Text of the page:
If you are thinking of making a personal retreat or offering to stay and help at The Forest Hermitage or Bhavana Dhamma please understand that both are places for the serious and dedicated practice of Buddhist meditation. Spending some of each day in mindful and purposeful activity and most of the rest alone, practising sitting and walking meditation, can be hard work and demanding, albeit profoundly rewarding. We recommend, therefore, that applicants have had some previous experience of meditation and ideally, some connection with The Forest Hermitage.
Please read through the information below and then complete this online application form at least a week before you would like to come and stay.
For organised group retreat at Bhavana Dhamma please go here.
Men usually stay at the Hermitage, and women stay at Bhavana Dhamma.
Guests live strictly by the eight precepts. These are to abstain from: killing any living being; stealing; all sexual activity; lying; using alcohol and drugs; eating after noon; listening to music and entertainments, and wearing jewellery and makeup; and using high and luxurious seats and beds.
Taking the 3 Refuges and 8 Precepts
It’s normal when guests arrive at a monastery to formally request and take these precepts by reciting them in the Pali language with a monk. So you’ll be asked to do this. Don’t worry – you don’t need to to know them off by heart, or even know how to pronounce them exactly. We’ll provide a copy once you arrive and you can read from it. You can find a copy here, too.
Guests are required to participate fully in the daily routine, and in keeping with the Forest Tradition only one meal a day is eaten (at 11 am).
This is an outline of the routine at the Hermitage. It is subject to change.
5:30 am – Morning Bell
6:00 am – Morning sitting. If there is no group meditation then sit by oneself.
7:00 am – Hot drink.
7:30 am – Work period and individual practice time.
10.30 am – Meal, clean up, free time.
2:00 – Individual practice time and / or work. No walks please.
5 pm – Break and individual practice time.
8:00 pm – Evening sitting.
9:00 pm – Free time and bed.
Work forms an important part of the practice here and we ask all guests to gladly cooperate. It is an opportunity to cultivate both dana (giving) by doing something to support this place, and mindfulness and awareness.
There is a work period each morning and on some days there will be one in the afternoon as well.
Noble Silence/Noble Speech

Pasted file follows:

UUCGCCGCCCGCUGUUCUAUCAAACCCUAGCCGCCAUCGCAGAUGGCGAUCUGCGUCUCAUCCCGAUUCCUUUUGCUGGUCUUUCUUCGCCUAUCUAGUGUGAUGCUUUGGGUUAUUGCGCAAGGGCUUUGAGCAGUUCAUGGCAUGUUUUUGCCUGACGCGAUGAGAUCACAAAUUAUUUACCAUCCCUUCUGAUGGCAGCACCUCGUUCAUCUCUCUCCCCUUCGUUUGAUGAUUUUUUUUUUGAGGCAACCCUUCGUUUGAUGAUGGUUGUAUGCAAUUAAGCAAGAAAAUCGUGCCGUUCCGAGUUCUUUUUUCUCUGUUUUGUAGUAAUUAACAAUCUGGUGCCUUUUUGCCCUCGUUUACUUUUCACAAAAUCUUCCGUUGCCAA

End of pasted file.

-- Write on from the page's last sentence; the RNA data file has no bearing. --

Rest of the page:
The atmosphere of the Hermitage should be one of mindfulness and awareness, therefore speech is kept to a minimum and if possible noble silence maintained.
Reading is fine as long as you read material within our tradition, such as the Pali suttas and teachings by forest monks. Reading should be an aid to practice and therefore kept to small amounts. We are happy to recommend what’s best.
The practice here is that of Samatha-Vipassana – calm and insight. And apart from formal practice you will be expected to be mindful and watchful of your state of mind and attitude. Meditation instruction will be given and there will be opportunities for questions.
Monday and Friday evenings are open to the public and include a Dhamma talk. They finish at 9:30 pm.
Etiquette forms an essential part of the practice here, as it does in most traditional monasteries. Here are some of the main points to bear in mind.
Bowing: We bow to pay our respects to the Buddha, Dhamma and Sangha. Bowing mostly takes place in the shrine room, but you are encouraged to do it when entering and leaving your room as well. It is an excellent practice to cultivate mindfulness, respect and humility.
Keep a low profile: When you are participating in the meal offering to the monks at the Hermitage you should be mindful of keeping your head lower than, or not too far above, the level of theirs. So when entering the eating room you should at first stoop and then walk on your knees.
Talking to monks: When talking to a monk, especially a senior one, it is polite to keep your palms joined over your chest.
Shoes: These are not to be worn indoors.
Mobile phones and Internet Use
Mobiles must be handed in on arrival. They will be kept safely and returned at the end of your stay. Internet use is not allowed, unless you are staying for a longer period and need to make travel arrangements, etc, in which case permission may be sought from the Abbot.
We make no charges and depend entirely on offerings.
If you can bring a sleeping bag and pillow case please do. We can provide if this is a problem. You will also need towels and toiletries; waterproofs just in case (including reasonably shower proof footwear); comfortable shoes for walking meditation; decent socks (shoes aren’t worn indoors); comfortable and loose fitting clothing for meditation; and a torch.
If you have read through the information above and would like to stay please fill in the online application form.